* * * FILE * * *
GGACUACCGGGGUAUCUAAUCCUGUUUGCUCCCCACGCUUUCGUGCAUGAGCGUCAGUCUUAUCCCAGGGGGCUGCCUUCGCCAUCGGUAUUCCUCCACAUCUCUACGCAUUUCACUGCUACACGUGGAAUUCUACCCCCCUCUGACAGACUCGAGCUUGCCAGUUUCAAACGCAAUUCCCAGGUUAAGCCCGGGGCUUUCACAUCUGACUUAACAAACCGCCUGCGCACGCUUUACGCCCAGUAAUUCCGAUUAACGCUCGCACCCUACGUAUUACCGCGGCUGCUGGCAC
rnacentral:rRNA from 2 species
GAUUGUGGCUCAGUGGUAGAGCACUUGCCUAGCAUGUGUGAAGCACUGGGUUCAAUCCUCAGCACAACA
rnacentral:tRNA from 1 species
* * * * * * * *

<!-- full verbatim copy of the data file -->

GGACUACCGGGGUAUCUAAUCCUGUUUGCUCCCCACGCUUUCGUGCAUGAGCGUCAGUCUUAUCCCAGGGGGCUGCCUUCGCCAUCGGUAUUCCUCCACAUCUCUACGCAUUUCACUGCUACACGUGGAAUUCUACCCCCCUCUGACAGACUCGAGCUUGCCAGUUUCAAACGCAAUUCCCAGGUUAAGCCCGGGGCUUUCACAUCUGACUUAACAAACCGCCUGCGCACGCUUUACGCCCAGUAAUUCCGAUUAACGCUCGCACCCUACGUAUUACCGCGGCUGCUGGCAC
rnacentral:rRNA from 2 species
GAUUGUGGCUCAGUGGUAGAGCACUUGCCUAGCAUGUGUGAAGCACUGGGUUCAAUCCUCAGCACAACA
rnacentral:tRNA from 1 species